import javax.ws.rs.*;
 
@Path("/helloservice")
public class HelloResource {
 
    @GET
    @Path("sayhello")
    public String sayHello() {
        return "Hello There";
    }
}

The @Path and @Get annotations are used by the Jax-RS implementation on the server to expose the sayHello method for access by a client via using an URL such as:

curl http://localhost:8080/mycontext/helloservice/sayhello

This would return "Hello There" when accessed.

For this tutorial we will use a service for accessing a simple database of Students. Here is a Jax-RS implementation class. Notice the annotations on the public methods. These annotations signal to the Jax-RS implementation that these methods are to be exposed as remote services. When included in a webapp (war file) with the necessary Jax-RS implementation libraries and dependencies on (e.g.) a Tomcat server, this service would be exposed for web-based remote access.

In order to make this student database service available for clients/consumers as an OSGi Remote Service, it's necessary to abstract an interface with the appropriate methods and including the same Jax-RS annotations. Here is such an interface for the StudentResouce

package com.mycorp.examples.student;
 
import java.util.List;
 
import javax.ws.rs.Consumes;
import javax.ws.rs.DELETE;
import javax.ws.rs.GET;
import javax.ws.rs.POST;
import javax.ws.rs.Path;
import javax.ws.rs.PathParam;
import javax.ws.rs.Produces;
import javax.ws.rs.core.MediaType;
 
@Path("/studentservice")
public interface StudentService {
 
	@GET
	@Produces(MediaType.APPLICATION_XML)
	@Path("/students")
	List<Student> getStudents();
 
	@GET
	@Produces(MediaType.APPLICATION_XML)
	@Path("/students/{studentId}")
	Student getStudent(@PathParam("studentId") String id);
 
	@POST
	@Produces(MediaType.APPLICATION_XML)
	@Path("/students/add/{studentName}")
	Student addStudent(@PathParam("studentName") String studentName);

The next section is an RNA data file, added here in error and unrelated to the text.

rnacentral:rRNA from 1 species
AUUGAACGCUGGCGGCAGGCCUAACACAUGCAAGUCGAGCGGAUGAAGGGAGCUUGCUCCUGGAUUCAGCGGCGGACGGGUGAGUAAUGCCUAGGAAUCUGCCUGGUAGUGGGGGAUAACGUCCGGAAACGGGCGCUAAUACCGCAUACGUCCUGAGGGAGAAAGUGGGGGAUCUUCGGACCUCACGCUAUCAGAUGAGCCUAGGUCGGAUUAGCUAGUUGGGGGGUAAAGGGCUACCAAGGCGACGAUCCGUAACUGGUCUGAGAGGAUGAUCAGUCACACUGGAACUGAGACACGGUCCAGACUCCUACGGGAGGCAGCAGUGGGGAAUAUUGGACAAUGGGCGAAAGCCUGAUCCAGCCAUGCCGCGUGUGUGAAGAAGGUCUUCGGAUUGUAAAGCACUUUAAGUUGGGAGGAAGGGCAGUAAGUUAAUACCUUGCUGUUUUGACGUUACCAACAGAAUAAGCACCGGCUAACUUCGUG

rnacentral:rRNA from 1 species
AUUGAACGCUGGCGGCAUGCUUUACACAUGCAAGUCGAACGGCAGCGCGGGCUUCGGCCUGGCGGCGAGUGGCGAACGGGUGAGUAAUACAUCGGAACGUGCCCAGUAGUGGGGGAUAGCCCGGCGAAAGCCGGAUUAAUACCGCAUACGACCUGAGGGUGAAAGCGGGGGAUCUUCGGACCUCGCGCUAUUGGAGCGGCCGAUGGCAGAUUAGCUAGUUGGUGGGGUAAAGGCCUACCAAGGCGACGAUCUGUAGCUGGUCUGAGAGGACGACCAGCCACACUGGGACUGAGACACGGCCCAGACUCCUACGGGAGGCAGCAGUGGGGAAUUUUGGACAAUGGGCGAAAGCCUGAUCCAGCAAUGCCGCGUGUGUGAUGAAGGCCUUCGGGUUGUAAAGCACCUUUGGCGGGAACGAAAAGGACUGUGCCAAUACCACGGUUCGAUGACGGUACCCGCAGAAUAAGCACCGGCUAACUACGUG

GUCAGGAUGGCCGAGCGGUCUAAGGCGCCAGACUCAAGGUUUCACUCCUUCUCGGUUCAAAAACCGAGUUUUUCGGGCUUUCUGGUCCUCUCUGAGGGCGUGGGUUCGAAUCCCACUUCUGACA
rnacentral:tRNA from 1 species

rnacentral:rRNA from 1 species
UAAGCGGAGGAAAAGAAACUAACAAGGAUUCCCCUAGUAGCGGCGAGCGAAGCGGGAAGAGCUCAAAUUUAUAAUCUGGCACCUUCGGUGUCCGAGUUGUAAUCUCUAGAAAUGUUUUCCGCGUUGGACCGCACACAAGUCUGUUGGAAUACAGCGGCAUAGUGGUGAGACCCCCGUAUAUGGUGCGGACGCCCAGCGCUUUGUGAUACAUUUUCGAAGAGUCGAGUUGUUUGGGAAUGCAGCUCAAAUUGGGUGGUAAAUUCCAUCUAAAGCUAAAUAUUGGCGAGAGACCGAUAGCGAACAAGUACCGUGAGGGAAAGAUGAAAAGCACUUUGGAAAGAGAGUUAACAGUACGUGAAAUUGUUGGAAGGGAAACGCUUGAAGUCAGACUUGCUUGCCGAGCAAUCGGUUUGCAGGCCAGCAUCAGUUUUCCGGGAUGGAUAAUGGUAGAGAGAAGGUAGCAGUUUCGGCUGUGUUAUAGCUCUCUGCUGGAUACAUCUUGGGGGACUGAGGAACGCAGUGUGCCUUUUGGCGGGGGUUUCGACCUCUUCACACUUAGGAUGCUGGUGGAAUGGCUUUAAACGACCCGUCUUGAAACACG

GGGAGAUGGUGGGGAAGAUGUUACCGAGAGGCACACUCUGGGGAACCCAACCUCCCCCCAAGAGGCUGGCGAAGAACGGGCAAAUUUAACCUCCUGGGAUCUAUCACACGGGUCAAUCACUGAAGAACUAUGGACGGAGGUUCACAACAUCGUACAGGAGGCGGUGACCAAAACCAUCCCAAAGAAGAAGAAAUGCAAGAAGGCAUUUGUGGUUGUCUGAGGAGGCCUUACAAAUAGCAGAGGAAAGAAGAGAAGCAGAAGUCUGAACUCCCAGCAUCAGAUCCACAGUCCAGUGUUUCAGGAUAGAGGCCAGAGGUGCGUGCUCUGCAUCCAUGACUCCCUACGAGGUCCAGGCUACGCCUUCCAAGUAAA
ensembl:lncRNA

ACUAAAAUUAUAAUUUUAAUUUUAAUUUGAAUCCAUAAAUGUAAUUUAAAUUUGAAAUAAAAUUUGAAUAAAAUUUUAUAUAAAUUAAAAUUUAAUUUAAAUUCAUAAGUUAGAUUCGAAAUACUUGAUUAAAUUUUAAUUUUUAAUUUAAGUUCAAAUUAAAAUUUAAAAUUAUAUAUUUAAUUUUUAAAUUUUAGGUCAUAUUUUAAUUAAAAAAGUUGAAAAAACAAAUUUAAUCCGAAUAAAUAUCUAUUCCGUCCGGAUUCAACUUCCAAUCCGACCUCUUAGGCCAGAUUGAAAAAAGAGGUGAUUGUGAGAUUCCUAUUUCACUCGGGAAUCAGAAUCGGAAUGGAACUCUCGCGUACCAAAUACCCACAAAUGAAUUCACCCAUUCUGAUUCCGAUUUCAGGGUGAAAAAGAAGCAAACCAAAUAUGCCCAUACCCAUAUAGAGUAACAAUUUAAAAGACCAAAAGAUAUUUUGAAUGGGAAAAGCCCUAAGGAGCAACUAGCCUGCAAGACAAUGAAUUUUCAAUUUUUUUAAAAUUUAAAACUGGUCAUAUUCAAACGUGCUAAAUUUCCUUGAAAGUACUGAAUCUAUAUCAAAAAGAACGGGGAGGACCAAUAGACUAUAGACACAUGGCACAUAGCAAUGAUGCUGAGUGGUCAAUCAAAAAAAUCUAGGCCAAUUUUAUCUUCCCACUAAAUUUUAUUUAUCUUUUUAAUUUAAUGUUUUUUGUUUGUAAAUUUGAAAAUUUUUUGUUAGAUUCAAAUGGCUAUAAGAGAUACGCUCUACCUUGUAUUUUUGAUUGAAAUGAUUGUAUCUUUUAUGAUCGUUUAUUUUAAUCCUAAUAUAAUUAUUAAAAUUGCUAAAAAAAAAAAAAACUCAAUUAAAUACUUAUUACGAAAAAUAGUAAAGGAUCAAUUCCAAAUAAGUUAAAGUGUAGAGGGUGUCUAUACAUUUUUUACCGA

@POST
	@Consumes(MediaType.APPLICATION_XML)
	@Produces(MediaType.APPLICATION_XML)
	@Path("/students/update")
	Student updateStudent(Student student);
 
	@DELETE
	@Path("/students/delete/{studentId}")
	@Produces(MediaType.APPLICATION_XML)
	Student deleteStudent(@PathParam("studentId") String studentId);
}

Please note: the method signatures and annotations are exactly the same as those given on the actual Jax-RS service resource class. A bundle project with this service interface and dependencies is provided here.

Note also that the annotations are only those standardized by the Jax-RS specification (i.e. in javax.ws.rs.* packages), and so are not bound to any Jax-RS implementation.

With this interface and the ECF Remote Service Jax-RS provider bundles and their dependencies, we can create a client/consumer application that uses this remote service. ECF's implementation will dynamically create a proxy implementation of the StudentService interface, and make it available to the consumer.

As an OSGi service, it can be discovered and made available in several ways, but the easiest is to have the proxy instance injected via Declarative Services. Here is the java code for a Declarative Services component that dynamically injects the StudentService

package com.mycorp.examples.student.client;
 
import java.util.List;
 
import com.mycorp.examples.student.Student;
import com.mycorp.examples.student.StudentService;
 
public class StudentServiceClient {
 
 
	void bindStudentService(StudentService service) {
		System.out.println("Discovered student service=" + service);
		// Get students